Entertainment

This Latino Kicker Is So Good, An NFL Team Made An Unusual Move Just To Get Him

Meet Roberto Aguayo. He’s the dude in the middle. In case you’re wondering why he’s flanked by two big football players…

Credit: @robertoaguayo / Instagram

It’s because they’re teammates. Well, they were teammates. For the past three years, Aguayo was a kicker for Florida State University.

Last year's success is today's expectation.

A photo posted by Roberto Aguayo (@robertoaguayo) on

Credit: @robertoaguayo / Instagram

And he was just drafted by the Tampa Bay Buccaneers in the second round of the 2016 NFL draft.

Welcome to Tampa Bay, Roberto Aguayo! #BucsDraft #SiegetheDay #BOOM

A photo posted by Tampa Bay Buccaneers (@tbbuccaneers) on

Credit: @tbbuccaneers / Instagram

Most NFL teams don’t draft kickers in the second round. But Aguayo was too good to pass up.

How good was he in college?

Credit: @robertoaguayo / Instagram

REALLY GOOD. Over his career, Aguayo was perfect (49 out of 49) for field goals inside 40 yards. Oh, and he also made all 198 of his extra point kicks.

Credit: @PROcast / Twitter

Basically, Aguayo is the most accurate kicker in college football history.

He’s pretty good at paper football, too.

aguayo-paper-football
Credit: ACC Digital Network / YouTube

That’s Aguayo having a little fun with ACC Digital Network reporter Jeff Fischel, who challenged the young kicker to a game of paper football. Aguayo’s first “kick” was straight up the middle and hit Fischel between his eyes. How’s that for aim?

Aguayo credits his father, an immigrant from Mexico, for helping him become a beast at kicking.

Credit: @robertoaguayo / Instagram

Aguayo, who excelled at soccer and football, says his father built an H-shaped goal in their backyard that served as both a soccer goal and a football goal post. Once Aguayo decided to focus strictly on football, he was able to practice his kicking at home.

The 21-year-old kicker cites his father’s work ethic as an inspiration.

Throwback to my early goon days! Mean muggin since day one lol

A photo posted by Roberto Aguayo (@robertoaguayo) on

Credit: @robertoaguayo / Instagram

Aguayo’s father grew up on a ranch near Leon, Guanajuato, in Mexico and decided to move to the U.S. when he was 18. He eventually settled in Florida. His goal, like many immigrants, was to make enough money to support himself and send money back to his family.

Although his father put in long hours at a tree farm, Aguayo told ESPN that his father still made time for him on days off: “I just wanted to hang by the pool with my friends, but he’d wake us up early, at 6 o’clock. He’s out in the sun all day [at work], so I’m surprised he had the energy, and that motivated me. When people ask me how I have such a strong leg and this ability, I go back to those days.”

Aguayo also told Sports Illustrated he respects his father for making tough sacrifices.

La Familia has arrived in Cali, getting closer and closer to the biggest game of my career!

A photo posted by Roberto Aguayo (@robertoaguayo) on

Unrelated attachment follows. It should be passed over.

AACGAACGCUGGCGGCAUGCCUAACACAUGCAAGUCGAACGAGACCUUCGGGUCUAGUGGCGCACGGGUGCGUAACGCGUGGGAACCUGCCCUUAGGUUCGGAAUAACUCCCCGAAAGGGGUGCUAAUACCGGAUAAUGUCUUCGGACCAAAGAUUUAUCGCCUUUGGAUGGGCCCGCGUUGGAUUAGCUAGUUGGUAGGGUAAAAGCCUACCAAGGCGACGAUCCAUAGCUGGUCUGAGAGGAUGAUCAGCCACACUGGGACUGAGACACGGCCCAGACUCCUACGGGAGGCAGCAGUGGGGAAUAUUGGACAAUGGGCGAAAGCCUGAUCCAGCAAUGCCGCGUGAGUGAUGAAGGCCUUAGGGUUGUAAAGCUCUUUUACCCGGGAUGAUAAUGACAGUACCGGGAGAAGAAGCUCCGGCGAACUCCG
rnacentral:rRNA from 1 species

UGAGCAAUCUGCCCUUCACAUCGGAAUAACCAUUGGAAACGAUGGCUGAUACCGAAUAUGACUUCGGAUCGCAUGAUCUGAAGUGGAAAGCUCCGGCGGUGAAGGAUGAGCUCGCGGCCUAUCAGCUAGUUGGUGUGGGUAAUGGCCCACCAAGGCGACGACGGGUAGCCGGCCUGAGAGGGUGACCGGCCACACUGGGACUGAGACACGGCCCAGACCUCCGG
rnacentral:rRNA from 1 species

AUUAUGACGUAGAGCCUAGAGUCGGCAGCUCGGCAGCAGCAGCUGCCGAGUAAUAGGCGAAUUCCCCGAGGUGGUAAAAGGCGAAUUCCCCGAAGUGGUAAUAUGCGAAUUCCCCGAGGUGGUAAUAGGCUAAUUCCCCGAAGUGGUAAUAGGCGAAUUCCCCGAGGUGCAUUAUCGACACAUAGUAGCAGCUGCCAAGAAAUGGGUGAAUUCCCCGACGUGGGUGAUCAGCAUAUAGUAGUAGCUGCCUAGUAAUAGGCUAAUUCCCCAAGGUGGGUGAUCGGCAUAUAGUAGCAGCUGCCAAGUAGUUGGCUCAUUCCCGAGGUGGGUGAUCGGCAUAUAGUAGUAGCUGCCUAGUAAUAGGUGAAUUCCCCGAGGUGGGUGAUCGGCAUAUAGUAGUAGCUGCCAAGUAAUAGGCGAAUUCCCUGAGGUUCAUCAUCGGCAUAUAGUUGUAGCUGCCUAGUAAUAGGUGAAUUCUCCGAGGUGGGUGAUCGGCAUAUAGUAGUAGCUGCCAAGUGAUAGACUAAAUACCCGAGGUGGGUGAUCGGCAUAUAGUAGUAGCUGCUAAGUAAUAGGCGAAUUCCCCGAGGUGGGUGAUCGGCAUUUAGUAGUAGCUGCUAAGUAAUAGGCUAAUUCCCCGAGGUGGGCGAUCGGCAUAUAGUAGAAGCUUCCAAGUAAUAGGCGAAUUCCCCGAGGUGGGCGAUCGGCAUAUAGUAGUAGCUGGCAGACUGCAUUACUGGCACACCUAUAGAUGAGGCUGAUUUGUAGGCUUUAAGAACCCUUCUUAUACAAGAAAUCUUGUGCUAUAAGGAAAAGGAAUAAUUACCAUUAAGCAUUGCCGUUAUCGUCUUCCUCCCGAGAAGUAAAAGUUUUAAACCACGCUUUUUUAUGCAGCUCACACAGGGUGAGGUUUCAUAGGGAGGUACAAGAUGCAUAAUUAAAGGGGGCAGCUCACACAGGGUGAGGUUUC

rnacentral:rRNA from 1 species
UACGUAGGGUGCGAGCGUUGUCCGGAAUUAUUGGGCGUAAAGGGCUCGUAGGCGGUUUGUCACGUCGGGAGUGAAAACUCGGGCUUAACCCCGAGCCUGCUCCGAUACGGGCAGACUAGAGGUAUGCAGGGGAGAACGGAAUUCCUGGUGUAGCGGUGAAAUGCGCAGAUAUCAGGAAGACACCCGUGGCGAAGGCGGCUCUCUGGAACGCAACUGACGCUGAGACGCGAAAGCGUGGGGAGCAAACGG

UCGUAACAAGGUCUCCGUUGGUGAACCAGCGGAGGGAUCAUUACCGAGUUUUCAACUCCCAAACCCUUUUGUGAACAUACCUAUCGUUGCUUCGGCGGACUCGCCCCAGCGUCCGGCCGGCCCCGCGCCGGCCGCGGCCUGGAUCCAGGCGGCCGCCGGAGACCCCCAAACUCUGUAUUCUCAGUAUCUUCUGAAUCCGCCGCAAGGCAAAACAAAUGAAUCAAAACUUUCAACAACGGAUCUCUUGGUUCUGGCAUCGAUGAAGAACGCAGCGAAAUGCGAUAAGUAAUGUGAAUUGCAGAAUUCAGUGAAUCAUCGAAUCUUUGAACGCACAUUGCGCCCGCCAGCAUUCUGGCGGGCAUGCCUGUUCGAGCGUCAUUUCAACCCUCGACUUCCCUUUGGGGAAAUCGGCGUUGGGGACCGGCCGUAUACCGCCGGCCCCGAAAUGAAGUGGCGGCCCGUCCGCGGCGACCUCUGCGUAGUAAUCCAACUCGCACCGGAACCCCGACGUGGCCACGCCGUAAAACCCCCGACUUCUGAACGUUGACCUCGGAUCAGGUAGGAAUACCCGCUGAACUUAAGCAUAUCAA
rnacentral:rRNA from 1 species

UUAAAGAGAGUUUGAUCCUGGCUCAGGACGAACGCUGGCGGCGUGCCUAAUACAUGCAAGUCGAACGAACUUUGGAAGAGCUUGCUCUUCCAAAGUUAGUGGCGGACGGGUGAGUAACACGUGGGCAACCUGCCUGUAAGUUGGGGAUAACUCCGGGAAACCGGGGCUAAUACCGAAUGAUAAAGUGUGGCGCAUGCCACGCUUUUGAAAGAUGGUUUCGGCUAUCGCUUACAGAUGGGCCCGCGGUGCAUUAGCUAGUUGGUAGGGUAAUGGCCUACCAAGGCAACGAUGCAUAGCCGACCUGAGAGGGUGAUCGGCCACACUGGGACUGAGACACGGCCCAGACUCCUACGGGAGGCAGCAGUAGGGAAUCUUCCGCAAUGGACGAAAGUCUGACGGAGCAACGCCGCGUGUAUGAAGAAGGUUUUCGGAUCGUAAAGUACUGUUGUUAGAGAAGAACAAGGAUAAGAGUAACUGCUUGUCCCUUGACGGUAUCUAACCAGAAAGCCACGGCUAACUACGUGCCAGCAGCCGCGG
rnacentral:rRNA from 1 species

Credit: @robertoaguayo / Instagram

“He came over illegally, and there are a lot of people who do that, but they do that for a better life. There was no money over there. My uncle [living in Mexico] will work and make about $10 a day, and that’s not enough to support the family. My dad wanted to have something better for my family.”

Soon, Aguayo will be reunited with former FSU teammate Jameis Winston, who is the starting quarterback for Tampa Bay.

Credit: @robertoaguayo / Instagram

What will Florida State do to replace their star kicker? They’ve already recruited Roberto’s younger brother, Ricky.

Credit: @FSU_Football / Twitter

READ: Meet The 21-Year-Old Pitcher From Mexico Who Is Already Becoming A Baseball Star

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New Trailer Released For The 3-Part Aaron Hernandez Documentary Coming To Netflix

Entertainment

New Trailer Released For The 3-Part Aaron Hernandez Documentary Coming To Netflix

Netflix / YouTube

If we’re learned anything from the powerful documentaries of late (Surviving R. Kelly, Leaving Neverland, etc.) is that our perceived notions of what we thought was the whole story were nothing compared to the truth. In other words, these hard-hitting documentaries explore a person or topic with a deeper lens, which in turn opens the door wide open to a full new understanding. This latest documentary is showing that we only knew a portion of the truth. 

“Killer Inside: The Mind of Aaron Hernandez” is a new documentary on Netflix that will be premiering on Jan. 15.

Credit: Netflix/ YouTube

The 3-part series looks into the story of the former NFL player who reportedly committed suicide inside his prison cell in 2017. If the documentary is anything like the trailer, we’re in for a crazy ride — and not the right kind, but the ones that leave you bewildered. 

While the public has some perspective on the situation that landed Hernandez in jail, the show goes in deeper into his childhood, family, and life before he became a superstar athlete. 

The series takes a look at the making of the NFL pro and how Hernandez was propelled from high school football player to a multi-million dollar contract. 

Credit: Netflix / YouTube

It’s a fascinating look to see how this charming young kid turned out to be a killer. If we have learned from any other True Crime stories is that a killer isn’t just a sociopath, sometimes this killer tendencies develope over time, and we never know what was at the root of their issues. 

With Hernandez, we learn through this series that his family had a lot to do with how his life would play out later.

Credit: Netflix / YouTube

The trailer includes conversations that he had over the phone with his mother, including one in which he tells her that there was no way he would ever turn out to be an angel, especially because she was never there for him. 

The show will also include the turbulent relationship he had with his abusive father. An investigative report in Spotlight inside the Boston Globe released in 2018 added detailed accounts of how Hernandez suffered at the hands of his father. 

“Aaron and his older brother were often beaten and brutalized by their dad,” the Boston Globe reports. “Aaron didn’t cry at his father’s funeral, and people took note. He kept it all inside.” His brother said that they both lived in “constant fear of their father’s beatings.” 

Hernandez and his mother also had a very tumultuous relationship. It seemed as if football was his only way out of that chaotic family life. His high school friends recall him as a kind person, amusing, and said he didn’t pick on other kids. 

When the Patriots gave him a $40 million contract, Hernandez’s life just got more out of control. 

Credit: Netflix / YouTube